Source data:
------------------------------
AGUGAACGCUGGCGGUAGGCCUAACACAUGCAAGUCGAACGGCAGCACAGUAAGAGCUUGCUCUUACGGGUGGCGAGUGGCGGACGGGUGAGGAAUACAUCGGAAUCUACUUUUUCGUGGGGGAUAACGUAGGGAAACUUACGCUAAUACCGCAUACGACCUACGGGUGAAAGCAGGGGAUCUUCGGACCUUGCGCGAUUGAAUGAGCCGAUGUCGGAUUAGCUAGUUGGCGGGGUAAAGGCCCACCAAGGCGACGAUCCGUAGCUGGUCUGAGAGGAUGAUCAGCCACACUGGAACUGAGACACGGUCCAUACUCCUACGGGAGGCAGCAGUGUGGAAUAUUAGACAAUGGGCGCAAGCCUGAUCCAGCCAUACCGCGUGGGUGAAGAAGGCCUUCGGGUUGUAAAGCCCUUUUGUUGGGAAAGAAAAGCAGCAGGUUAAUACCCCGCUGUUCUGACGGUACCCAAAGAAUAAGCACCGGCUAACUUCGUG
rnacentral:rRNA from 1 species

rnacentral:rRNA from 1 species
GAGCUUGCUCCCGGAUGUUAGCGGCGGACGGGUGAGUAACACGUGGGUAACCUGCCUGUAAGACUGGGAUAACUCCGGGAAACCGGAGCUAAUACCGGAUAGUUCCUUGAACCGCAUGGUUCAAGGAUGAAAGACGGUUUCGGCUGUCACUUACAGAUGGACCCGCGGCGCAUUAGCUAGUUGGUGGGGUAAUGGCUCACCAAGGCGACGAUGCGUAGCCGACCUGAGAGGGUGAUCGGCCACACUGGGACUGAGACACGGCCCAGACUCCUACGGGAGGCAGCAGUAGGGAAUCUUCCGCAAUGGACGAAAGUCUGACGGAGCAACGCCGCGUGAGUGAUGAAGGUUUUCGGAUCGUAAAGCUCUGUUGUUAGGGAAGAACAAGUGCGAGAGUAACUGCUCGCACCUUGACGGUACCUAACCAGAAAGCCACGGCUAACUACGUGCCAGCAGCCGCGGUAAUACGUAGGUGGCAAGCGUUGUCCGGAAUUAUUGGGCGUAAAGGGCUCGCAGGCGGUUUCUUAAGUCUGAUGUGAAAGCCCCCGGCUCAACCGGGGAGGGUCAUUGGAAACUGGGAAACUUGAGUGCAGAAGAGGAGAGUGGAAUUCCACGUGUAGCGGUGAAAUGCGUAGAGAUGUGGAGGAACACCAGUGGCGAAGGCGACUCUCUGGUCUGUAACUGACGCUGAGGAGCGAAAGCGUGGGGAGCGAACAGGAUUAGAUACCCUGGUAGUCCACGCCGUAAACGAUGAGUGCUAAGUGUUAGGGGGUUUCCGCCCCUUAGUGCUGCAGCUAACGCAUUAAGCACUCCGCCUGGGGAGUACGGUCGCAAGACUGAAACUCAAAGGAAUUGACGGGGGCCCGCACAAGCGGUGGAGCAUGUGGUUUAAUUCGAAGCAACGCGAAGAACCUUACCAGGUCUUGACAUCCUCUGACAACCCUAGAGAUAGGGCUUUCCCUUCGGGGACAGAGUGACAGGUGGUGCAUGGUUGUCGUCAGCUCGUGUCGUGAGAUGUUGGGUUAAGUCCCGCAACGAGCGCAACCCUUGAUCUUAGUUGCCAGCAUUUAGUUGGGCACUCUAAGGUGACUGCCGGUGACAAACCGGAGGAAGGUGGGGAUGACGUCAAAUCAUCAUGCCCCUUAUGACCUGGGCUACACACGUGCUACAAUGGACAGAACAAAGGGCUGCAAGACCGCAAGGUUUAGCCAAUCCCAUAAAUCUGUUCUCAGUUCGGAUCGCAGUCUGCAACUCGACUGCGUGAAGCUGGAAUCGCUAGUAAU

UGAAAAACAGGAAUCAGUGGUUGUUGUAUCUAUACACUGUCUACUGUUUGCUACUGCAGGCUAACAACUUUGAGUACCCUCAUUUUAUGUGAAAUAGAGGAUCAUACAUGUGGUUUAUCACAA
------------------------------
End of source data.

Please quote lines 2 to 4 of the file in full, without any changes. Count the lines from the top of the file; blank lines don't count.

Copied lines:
rnacentral:rRNA from 1 species

rnacentral:rRNA from 1 species
GAGCUUGCUCCCGGAUGUUAGCGGCGGACGGGUGAGUAACACGUGGGUAACCUGCCUGUAAGACUGGGAUAACUCCGGGAAACCGGAGCUAAUACCGGAUAGUUCCUUGAACCGCAUGGUUCAAGGAUGAAAGACGGUUUCGGCUGUCACUUACAGAUGGACCCGCGGCGCAUUAGCUAGUUGGUGGGGUAAUGGCUCACCAAGGCGACGAUGCGUAGCCGACCUGAGAGGGUGAUCGGCCACACUGGGACUGAGACACGGCCCAGACUCCUACGGGAGGCAGCAGUAGGGAAUCUUCCGCAAUGGACGAAAGUCUGACGGAGCAACGCCGCGUGAGUGAUGAAGGUUUUCGGAUCGUAAAGCUCUGUUGUUAGGGAAGAACAAGUGCGAGAGUAACUGCUCGCACCUUGACGGUACCUAACCAGAAAGCCACGGCUAACUACGUGCCAGCAGCCGCGGUAAUACGUAGGUGGCAAGCGUUGUCCGGAAUUAUUGGGCGUAAAGGGCUCGCAGGCGGUUUCUUAAGUCUGAUGUGAAAGCCCCCGGCUCAACCGGGGAGGGUCAUUGGAAACUGGGAAACUUGAGUGCAGAAGAGGAGAGUGGAAUUCCACGUGUAGCGGUGAAAUGCGUAGAGAUGUGGAGGAACACCAGUGGCGAAGGCGACUCUCUGGUCUGUAACUGACGCUGAGGAGCGAAAGCGUGGGGAGCGAACAGGAUUAGAUACCCUGGUAGUCCACGCCGUAAACGAUGAGUGCUAAGUGUUAGGGGGUUUCCGCCCCUUAGUGCUGCAGCUAACGCAUUAAGCACUCCGCCUGGGGAGUACGGUCGCAAGACUGAAACUCAAAGGAAUUGACGGGGGCCCGCACAAGCGGUGGAGCAUGUGGUUUAAUUCGAAGCAACGCGAAGAACCUUACCAGGUCUUGACAUCCUCUGACAACCCUAGAGAUAGGGCUUUCCCUUCGGGGACAGAGUGACAGGUGGUGCAUGGUUGUCGUCAGCUCGUGUCGUGAGAUGUUGGGUUAAGUCCCGCAACGAGCGCAACCCUUGAUCUUAGUUGCCAGCAUUUAGUUGGGCACUCUAAGGUGACUGCCGGUGACAAACCGGAGGAAGGUGGGGAUGACGUCAAAUCAUCAUGCCCCUUAUGACCUGGGCUACACACGUGCUACAAUGGACAGAACAAAGGGCUGCAAGACCGCAAGGUUUAGCCAAUCCCAUAAAUCUGUUCUCAGUUCGGAUCGCAGUCUGCAACUCGACUGCGUGAAGCUGGAAUCGCUAGUAAU